EU lawmakers urge sanctions for President Maduro, Venezuela officials
08 Feb 2018

Members of the European Parliament (MEPs) have called for the bloc to extend restrictive measures against Venezuela to include President Nicolas Maduro, his deputy, army chiefs and other top government officials.

Current EU sanctions include an arms embargo, which was imposed in November 2017, and travel bans and asset freezes against seven Venezuelan individuals, imposed last month in response to ‘non-compliance with democratic principles, the rule of law and democracy.’

The lawmakers highlighted concerns with issues pertaining to human rights and also condemned Venezuela’s decision to expel and declare Spain’s Ambassador to Caracas “persona non grata.”

Measures should be “extended against those mainly responsible for the increased political, social, economic and humanitarian crisis, namely the President, the Vice-President, the Minister of Defence, members of the high military command, and members of their inner circles”, they said in a resolution approved by 480 votes to 51 with 70 abstentions.

MEPs also condemned Venezuela’s National Constituent Assembly’s decision to call early presidential elections by the end of April 2018, pointing out that “the Venezuelan Supreme Court’s recent ruling excludes MUD opposition party representatives from the upcoming elections and that many potential candidates will be unable to run for election because they are exiled, subject to administrative disqualifications, imprisoned or under house arrest.”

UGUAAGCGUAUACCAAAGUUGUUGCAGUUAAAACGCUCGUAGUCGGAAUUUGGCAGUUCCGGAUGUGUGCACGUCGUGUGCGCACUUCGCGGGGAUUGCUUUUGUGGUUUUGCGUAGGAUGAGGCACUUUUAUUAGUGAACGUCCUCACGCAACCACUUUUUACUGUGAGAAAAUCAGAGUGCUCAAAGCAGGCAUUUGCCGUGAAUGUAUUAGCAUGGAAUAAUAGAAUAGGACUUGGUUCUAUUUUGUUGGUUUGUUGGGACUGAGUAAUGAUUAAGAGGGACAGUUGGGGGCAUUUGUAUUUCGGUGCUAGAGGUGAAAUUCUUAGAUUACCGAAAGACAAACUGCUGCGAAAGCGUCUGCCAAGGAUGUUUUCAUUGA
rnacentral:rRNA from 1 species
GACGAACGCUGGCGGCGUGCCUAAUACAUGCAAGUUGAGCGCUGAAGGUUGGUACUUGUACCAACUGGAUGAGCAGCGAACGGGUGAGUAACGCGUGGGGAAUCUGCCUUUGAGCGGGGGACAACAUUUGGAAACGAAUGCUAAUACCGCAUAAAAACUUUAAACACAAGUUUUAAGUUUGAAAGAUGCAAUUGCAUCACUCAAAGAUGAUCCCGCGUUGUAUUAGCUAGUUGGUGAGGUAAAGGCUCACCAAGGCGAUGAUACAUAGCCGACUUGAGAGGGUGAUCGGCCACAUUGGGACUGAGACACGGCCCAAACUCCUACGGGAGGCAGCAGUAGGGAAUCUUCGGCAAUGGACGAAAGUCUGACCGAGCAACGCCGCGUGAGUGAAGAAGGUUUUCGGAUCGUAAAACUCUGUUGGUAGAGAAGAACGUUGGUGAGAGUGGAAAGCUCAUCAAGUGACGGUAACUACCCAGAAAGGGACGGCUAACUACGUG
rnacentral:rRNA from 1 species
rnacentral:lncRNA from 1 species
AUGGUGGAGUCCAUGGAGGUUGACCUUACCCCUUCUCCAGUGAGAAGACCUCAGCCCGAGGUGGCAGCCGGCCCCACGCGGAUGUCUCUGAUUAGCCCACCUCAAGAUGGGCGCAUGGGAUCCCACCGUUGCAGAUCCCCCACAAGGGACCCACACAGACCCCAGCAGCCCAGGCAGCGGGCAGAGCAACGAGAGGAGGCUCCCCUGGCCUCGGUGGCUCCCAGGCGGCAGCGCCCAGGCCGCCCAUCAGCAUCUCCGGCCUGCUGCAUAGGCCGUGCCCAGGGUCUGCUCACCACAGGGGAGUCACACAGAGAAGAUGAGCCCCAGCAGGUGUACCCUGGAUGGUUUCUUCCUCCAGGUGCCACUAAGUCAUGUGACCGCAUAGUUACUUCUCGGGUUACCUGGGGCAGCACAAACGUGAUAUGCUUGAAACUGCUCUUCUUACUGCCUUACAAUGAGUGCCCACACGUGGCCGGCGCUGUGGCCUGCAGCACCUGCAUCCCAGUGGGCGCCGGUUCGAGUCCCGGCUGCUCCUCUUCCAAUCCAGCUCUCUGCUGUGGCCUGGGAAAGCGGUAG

“Only elections based on a viable electoral calendar, agreed in the context of the national dialogue with all relevant actors and political parties, and respecting equal, fair and transparent conditions of participation (…) will be recognised by the EU,” the MEPs said.

Parliament also called on Venezuelan authorities “to allow unimpeded humanitarian aid into the country as a matter of urgency.”

The United States has already imposed restrictions, such as asset freezes, on Maduro and US firms are prohibited from doing business with him.

Venezuela has been looking at its options as sanctions bite, meanwhile, and it is also reportedly planning to launch its own oil and gas-backed cryptocurrency called the petro.

Read more:

Can Venezuela’s cryptocurrency ‘petro’ lift the economy, after all?

Sanctions in 2018: Watch out for new Magnitsky method targeting individuals

Quick take: understanding the EU’s sanctions against Russia

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